57 Learning Technology Tools One Middle School Teacher Depends On

learning-technology-tools57 Learning Technology Tools One Middle School Teacher Depends On

by edshelf

With all the websites, mobile apps, and desktop programs available to teachers out there, it can be exasperating to know how to use them. Most busy teachers simply ask colleagues in their department or the teacher’s lounge. Or the resident technology integrator, if your school is lucky enough to have one.

But what if you have already tried those avenues? Or don’t have them available? Fortunately, there are a few resources online that you can use. There is Twitter and its various teacher hashtags, social media sites for teachers, or edshelf’s collections.

Below is one such collection. It is curated by Mrs. J. Porritt from W.S. Hawrylak School. Generously included are notes for each of the tools she uses in her classroom. If you are looking for a new tool, or want to know more about an existing tool, check out her useful collection of teaching tools.

How a Middle School Teacher Uses Technology in Her Classroom

Image attribution flickr user vancouverfilmschool; 57 Learning Technology Tools One Middle School Teacher Depends On


  • Some of those selections are surprising, especially to “depend” on them. Blogger, Weebly, Edublogs, and Kidblog? That’s an awful lot of publications. I worry we stress too many apps and overwhelm a teacher willing to try something new with their precious little time.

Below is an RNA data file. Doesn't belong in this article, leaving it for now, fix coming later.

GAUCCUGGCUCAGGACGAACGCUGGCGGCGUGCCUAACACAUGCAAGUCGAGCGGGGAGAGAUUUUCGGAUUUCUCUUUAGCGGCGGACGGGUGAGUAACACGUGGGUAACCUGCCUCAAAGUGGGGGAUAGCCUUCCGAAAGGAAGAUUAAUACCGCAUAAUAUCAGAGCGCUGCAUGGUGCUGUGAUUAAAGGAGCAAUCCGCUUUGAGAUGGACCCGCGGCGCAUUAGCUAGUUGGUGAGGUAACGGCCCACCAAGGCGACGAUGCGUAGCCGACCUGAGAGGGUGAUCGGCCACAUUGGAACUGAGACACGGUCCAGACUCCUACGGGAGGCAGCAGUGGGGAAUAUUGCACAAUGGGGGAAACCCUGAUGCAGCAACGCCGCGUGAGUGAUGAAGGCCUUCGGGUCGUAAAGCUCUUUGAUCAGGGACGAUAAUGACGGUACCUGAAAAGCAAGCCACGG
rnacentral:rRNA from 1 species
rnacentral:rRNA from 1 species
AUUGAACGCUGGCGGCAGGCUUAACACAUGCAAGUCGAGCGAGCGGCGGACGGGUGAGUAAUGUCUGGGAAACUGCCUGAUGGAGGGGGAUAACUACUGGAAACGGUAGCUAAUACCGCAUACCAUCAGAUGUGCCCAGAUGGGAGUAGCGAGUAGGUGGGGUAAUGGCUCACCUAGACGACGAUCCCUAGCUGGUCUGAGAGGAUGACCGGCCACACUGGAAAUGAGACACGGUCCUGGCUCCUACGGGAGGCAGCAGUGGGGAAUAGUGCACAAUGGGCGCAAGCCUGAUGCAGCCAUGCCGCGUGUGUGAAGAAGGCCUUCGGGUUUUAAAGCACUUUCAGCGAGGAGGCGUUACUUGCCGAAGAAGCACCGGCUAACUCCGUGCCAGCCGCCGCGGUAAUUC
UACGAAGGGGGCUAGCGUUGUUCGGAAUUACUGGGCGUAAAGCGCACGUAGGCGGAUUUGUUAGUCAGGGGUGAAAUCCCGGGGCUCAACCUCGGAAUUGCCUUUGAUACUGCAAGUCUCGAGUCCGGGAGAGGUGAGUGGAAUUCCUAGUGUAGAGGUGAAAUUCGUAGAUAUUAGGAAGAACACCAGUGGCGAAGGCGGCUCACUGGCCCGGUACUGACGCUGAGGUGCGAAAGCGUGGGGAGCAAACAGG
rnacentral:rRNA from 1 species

Oh, and PollAnywhere? I’d much rather use exitticket.org and keep the results in an academic scorebook that helps me teach.

    • One would think you would be thankful for the app suggestions and not critical of someone else’s sharing. All I can say is how thankful I am for teachers like this one who take the time to not only make these lists, but to give ideas as to how one MIGHT use them in their own classroom.

      • Oh, I’m sorry if I came off as excessively critical. As a Manager of Edtech, I’m always stressing over how many apps my teachers are trying to sample at once. I do so appreciate their intentions, passion and talent. I was trying to make the point that when I work with such a teacher and clear their device of all but a few apps, they end up happier and more productive.

        And I couldn’t agree with you more about the importance of implementation strategies. It’s all fine and good to pick out the apps, but you’ve got to then consider how to weave them into your routine. I tried to offer up a blog post to that effect:

  • Thank you for sharing all of these apps and sites and tools! I put many of them to good use with my 5th-8th grade Spanish classes. It was awesome to read the way that you use them. I am inspired to use them in different ways now! Thank you for sharing!

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